Through service, Penn commemorates King’s life and legacy

Monday’s MLK Day of Service included a flurry of events on and around campus, and kicked off several weeks of related programming.

MLK Day volunteer
Interim Chief of Police Gary Williams and Chief of Fire and Emergency Services Eugene Janda help stuff bags with toiletries at a MLK Day of Service event at Houston Hall.

Up bright and early on Monday morning, Afi Heywood was at Bodek Lounge in Houston Hall to assist in preparing the “helping hands” space for Martin Luther King Jr. Day volunteers who would come together—many for the first time since the COVID-19 pandemic—to stuff hundreds of bags and socks with toiletries and personal items. Later, those items would be donated to people at local shelters.

“It’s important to serve today in the name of Dr. King’s legacy,” Heywood said, chatting next to boxes full of toothbrushes, nail files, shampoo bottles, and ear plugs. “It’s an exciting day, I was even up thinking about it last night.”

Heywood, formerly of Penn’s African American Resource Center (AARC), reflected on how much the University’s MLK Day commemorations have grown throughout the years. It started, she said, in 1989 with one basic afternoon event. This year’s MLK programming lasts through early February, offering a mix of volunteer opportunities, educational lectures, discussion series, movie nights, and much, much more.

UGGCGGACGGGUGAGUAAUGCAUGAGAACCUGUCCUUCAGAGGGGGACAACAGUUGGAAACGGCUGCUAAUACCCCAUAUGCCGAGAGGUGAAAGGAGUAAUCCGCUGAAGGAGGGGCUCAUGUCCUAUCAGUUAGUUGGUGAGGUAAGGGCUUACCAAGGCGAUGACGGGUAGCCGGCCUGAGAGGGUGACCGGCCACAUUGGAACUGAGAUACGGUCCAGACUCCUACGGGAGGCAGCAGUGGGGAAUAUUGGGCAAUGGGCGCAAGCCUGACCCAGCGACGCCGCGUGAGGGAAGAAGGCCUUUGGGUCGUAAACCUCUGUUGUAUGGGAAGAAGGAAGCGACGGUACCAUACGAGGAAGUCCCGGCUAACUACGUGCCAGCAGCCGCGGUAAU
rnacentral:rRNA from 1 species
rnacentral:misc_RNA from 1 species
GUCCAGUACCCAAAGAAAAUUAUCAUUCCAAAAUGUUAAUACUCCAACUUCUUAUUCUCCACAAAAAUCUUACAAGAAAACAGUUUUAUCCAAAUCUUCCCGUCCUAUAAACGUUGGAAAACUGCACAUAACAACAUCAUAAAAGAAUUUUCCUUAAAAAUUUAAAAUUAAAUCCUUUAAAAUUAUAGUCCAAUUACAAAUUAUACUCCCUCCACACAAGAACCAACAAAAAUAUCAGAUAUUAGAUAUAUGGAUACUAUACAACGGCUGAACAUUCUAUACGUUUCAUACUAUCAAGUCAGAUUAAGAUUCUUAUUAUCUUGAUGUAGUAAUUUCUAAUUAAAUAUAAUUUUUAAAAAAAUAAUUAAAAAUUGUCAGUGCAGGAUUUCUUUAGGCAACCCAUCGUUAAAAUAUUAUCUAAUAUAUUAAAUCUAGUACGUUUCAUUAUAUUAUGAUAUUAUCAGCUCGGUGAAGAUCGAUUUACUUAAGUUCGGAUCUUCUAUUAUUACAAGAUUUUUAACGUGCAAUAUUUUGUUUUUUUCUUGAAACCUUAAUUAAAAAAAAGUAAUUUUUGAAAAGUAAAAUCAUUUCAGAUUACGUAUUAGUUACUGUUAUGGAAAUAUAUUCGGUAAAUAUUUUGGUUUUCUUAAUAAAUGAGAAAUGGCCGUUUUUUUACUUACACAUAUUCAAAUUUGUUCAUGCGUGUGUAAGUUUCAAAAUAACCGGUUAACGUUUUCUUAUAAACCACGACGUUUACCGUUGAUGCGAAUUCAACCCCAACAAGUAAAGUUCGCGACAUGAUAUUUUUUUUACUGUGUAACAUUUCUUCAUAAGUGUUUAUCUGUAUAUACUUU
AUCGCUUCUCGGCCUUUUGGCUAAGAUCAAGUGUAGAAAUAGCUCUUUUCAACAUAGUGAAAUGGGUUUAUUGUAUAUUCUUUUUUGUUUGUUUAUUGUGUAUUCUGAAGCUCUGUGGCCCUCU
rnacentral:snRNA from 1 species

Magill at podium
President Liz Magill thanks volunteers at a special MLK Day breakfast. 

Monday’s events focused on service, with faculty, staff, students, and other friends of Penn spending their day engaged on campus and in West Philadelphia. Participants were invited to a special breakfast, which President Liz Magill said was to thank volunteers and warm them up “both body and soul” to prepare for the day ahead.

“Service was one of the key messages of Dr. King,” Magill said. “His challenge for all of us was to constantly seek justice, to improve the world, and to give ourselves and our resources to lift up others. Expanding equality, promoting peace, pursuing acceptance and forgiveness—these are manifestations of Dr. King’s core idea of service.”

Service is how, she continued, we “uplift the human spirit” and “promote the dignity” of everyone. “It’s the ideal way to commemorate the life and legacy of Dr. King.”